Starting Your Art Collection {part 1}

Hi there! Welcome to my new art blog, where I'll be sharing the stories behind some of my pieces, as well as things, people, and places that have inspired me along the way. Before I was an artist though, I was a collector of art and pretty things - so I thought it would make sense for the first post to be about my thoughts on starting or building your own art collection :)

{if you're looking for my past blog posts from wedding and portrait sessions over the years, click here. If you're interested in my artwork, you're in the right place already ;) }

There's a lot of information and advice out there with various opinions about what you should be collecting. I'm not an expert on anything (haha), but I'm happy to share my own ideas and personal experience with collecting art over the years.

Here's how my own personal art "origin story" goes: I was about 25 years old when I bought my first serious piece of art. It cost me a month's rent, and I stalked it in the framing store down the street from my apartment for a few months. I would go visit it every few weeks, just to see if I still loved it. One day when I walked in, it was gone - I felt sick to my stomach that I'd hesitated and lost it. Luckily for me, the owner had just moved it to a different location, and - not wanting to lose it again, I bought it that day. That was 3 homes and over 15 years ago, and I still love that piece every time I look at it. I notice different colours and textures in the piece depending on the wall colour behind it, the direction of the light in the room in which it's hanging, and even depending on my own current favourite colours or shapes. I don't just love how it looks (although that's a big part of it), now I also love the "me" it represents: young, unsure, starting out, optimistic. I feel like I have a small time capsule of that "me" on my kitchen wall. And the other part of that is having a constant and visible reminder of how far I've come since then. Even though at the time it felt like a huge amount of money, a quick calculation just informed me that over the past 15 years, that piece of art has cost me about $30 a year. I can't think of anything else that would have given me so much for such a relatively small cost.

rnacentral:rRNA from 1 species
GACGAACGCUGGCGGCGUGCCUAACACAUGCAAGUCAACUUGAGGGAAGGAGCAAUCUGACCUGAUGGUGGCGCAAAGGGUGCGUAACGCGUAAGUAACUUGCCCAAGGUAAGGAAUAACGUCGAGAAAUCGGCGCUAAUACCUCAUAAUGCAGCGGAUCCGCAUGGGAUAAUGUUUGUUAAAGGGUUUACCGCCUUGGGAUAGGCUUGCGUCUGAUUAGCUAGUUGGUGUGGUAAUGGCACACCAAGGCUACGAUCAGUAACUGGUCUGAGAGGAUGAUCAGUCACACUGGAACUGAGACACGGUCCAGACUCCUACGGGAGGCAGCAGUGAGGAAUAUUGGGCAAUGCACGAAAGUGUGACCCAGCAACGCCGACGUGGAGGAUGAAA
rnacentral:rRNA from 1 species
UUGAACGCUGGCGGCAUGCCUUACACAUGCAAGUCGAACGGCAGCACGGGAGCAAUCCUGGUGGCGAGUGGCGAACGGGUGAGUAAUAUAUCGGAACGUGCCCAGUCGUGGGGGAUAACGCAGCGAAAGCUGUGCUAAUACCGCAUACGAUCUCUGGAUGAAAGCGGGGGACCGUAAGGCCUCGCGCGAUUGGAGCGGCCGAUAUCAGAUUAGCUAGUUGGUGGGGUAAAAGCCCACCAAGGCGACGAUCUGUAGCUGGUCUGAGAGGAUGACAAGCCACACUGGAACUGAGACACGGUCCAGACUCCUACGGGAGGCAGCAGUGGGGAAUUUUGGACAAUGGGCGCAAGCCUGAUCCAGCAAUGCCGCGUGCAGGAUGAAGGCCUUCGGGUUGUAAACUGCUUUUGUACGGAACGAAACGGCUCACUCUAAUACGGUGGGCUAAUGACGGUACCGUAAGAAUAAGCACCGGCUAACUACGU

Since that gateway piece of art, I've collected dozens more pieces and have now made hundreds of my own pieces as well. The pieces on our walls represent lots of different things - as I've done art fairs and shows over the past 6 years, I've bought and traded many pieces with the artists I've met and become friends with at those shows. Each one of those pieces is also a piece of that show, and the friendship I have with that artist now because of it. There are a couple of pieces that represent specific life moments (like the painting I commissioned by artist Noelle Feodora Mok of the lunch we had after our wedding, as a gift to my husband on our anniversary.). One piece in particular - a colourful, joyous image by Mark Jeremy Gleberzon - was a gift to myself for achieving a seemingly impossible goal. Every time I look at that piece, it not only makes me happy, but reminds me that I'm capable of way more than I think I am. And of course, pieces from our travels. We have small artworks from Mexico, Cuba, Spain, Japan, France, and Italy, as well as pieces bought from local artists here in Ontario that remind us of places we've been. As we live through the years, the art on our walls grows to tell the stories of those years.

So that's why I collect art, and I can't imagine my life or home without it. I'd love to hear your own personal "art origin story" or your favourite reason to collect art, so please feel free to share in the comments below :)

Next post: overcoming a few common myths about buying art.